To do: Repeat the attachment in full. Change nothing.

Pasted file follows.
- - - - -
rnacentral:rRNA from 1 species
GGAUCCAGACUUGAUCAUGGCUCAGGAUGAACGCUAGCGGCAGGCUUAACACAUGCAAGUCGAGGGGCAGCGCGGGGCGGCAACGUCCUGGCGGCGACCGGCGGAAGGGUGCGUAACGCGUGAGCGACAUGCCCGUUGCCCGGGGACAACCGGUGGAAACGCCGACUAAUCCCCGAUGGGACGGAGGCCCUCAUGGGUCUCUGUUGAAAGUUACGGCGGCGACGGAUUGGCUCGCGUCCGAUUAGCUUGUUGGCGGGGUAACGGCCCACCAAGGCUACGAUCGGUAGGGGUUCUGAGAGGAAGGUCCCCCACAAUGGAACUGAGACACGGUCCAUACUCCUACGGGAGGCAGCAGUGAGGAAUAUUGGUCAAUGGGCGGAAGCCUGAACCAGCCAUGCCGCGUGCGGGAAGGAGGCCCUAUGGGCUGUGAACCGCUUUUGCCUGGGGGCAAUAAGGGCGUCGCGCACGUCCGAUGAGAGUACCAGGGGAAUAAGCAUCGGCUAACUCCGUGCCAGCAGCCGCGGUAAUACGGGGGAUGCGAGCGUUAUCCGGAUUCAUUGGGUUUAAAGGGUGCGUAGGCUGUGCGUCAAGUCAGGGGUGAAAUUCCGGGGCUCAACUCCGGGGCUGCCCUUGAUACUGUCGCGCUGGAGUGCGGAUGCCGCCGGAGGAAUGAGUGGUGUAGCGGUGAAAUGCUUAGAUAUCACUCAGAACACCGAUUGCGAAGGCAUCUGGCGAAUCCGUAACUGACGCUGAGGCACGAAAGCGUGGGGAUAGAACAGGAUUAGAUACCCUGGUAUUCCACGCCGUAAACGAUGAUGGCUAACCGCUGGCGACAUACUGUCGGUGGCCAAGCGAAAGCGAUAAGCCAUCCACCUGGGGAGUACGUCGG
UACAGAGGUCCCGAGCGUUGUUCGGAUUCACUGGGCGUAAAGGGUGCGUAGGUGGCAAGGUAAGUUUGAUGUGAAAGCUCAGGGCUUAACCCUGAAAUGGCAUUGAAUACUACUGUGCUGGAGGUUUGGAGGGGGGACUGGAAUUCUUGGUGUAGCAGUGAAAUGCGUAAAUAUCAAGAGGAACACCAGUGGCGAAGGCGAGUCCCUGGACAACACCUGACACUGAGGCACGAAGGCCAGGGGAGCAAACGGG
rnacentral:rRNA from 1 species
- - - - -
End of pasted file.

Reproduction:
rnacentral:rRNA from 1 species
GGAUCCAGACUUGAUCAUGGCUCAGGAUGAACGCUAGCGGCAGGCUUAACACAUGCAAGUCGAGGGGCAGCGCGGGGCGGCAACGUCCUGGCGGCGACCGGCGGAAGGGUGCGUAACGCGUGAGCGACAUGCCCGUUGCCCGGGGACAACCGGUGGAAACGCCGACUAAUCCCCGAUGGGACGGAGGCCCUCAUGGGUCUCUGUUGAAAGUUACGGCGGCGACGGAUUGGCUCGCGUCCGAUUAGCUUGUUGGCGGGGUAACGGCCCACCAAGGCUACGAUCGGUAGGGGUUCUGAGAGGAAGGUCCCCCACAAUGGAACUGAGACACGGUCCAUACUCCUACGGGAGGCAGCAGUGAGGAAUAUUGGUCAAUGGGCGGAAGCCUGAACCAGCCAUGCCGCGUGCGGGAAGGAGGCCCUAUGGGCUGUGAACCGCUUUUGCCUGGGGGCAAUAAGGGCGUCGCGCACGUCCGAUGAGAGUACCAGGGGAAUAAGCAUCGGCUAACUCCGUGCCAGCAGCCGCGGUAAUACGGGGGAUGCGAGCGUUAUCCGGAUUCAUUGGGUUUAAAGGGUGCGUAGGCUGUGCGUCAAGUCAGGGGUGAAAUUCCGGGGCUCAACUCCGGGGCUGCCCUUGAUACUGUCGCGCUGGAGUGCGGAUGCCGCCGGAGGAAUGAGUGGUGUAGCGGUGAAAUGCUUAGAUAUCACUCAGAACACCGAUUGCGAAGGCAUCUGGCGAAUCCGUAACUGACGCUGAGGCACGAAAGCGUGGGGAUAGAACAGGAUUAGAUACCCUGGUAUUCCACGCCGUAAACGAUGAUGGCUAACCGCUGGCGACAUACUGUCGGUGGCCAAGCGAAAGCGAUAAGCCAUCCACCUGGGGAGUACGUCGG
UACAGAGGUCCCGAGCGUUGUUCGGAUUCACUGGGCGUAAAGGGUGCGUAGGUGGCAAGGUAAGUUUGAUGUGAAAGCUCAGGGCUUAACCCUGAAAUGGCAUUGAAUACUACUGUGCUGGAGGUUUGGAGGGGGGACUGGAAUUCUUGGUGUAGCAGUGAAAUGCGUAAAUAUCAAGAGGAACACCAGUGGCGAAGGCGAGUCCCUGGACAACACCUGACACUGAGGCACGAAGGCCAGGGGAGCAAACGGG
rnacentral:rRNA from 1 species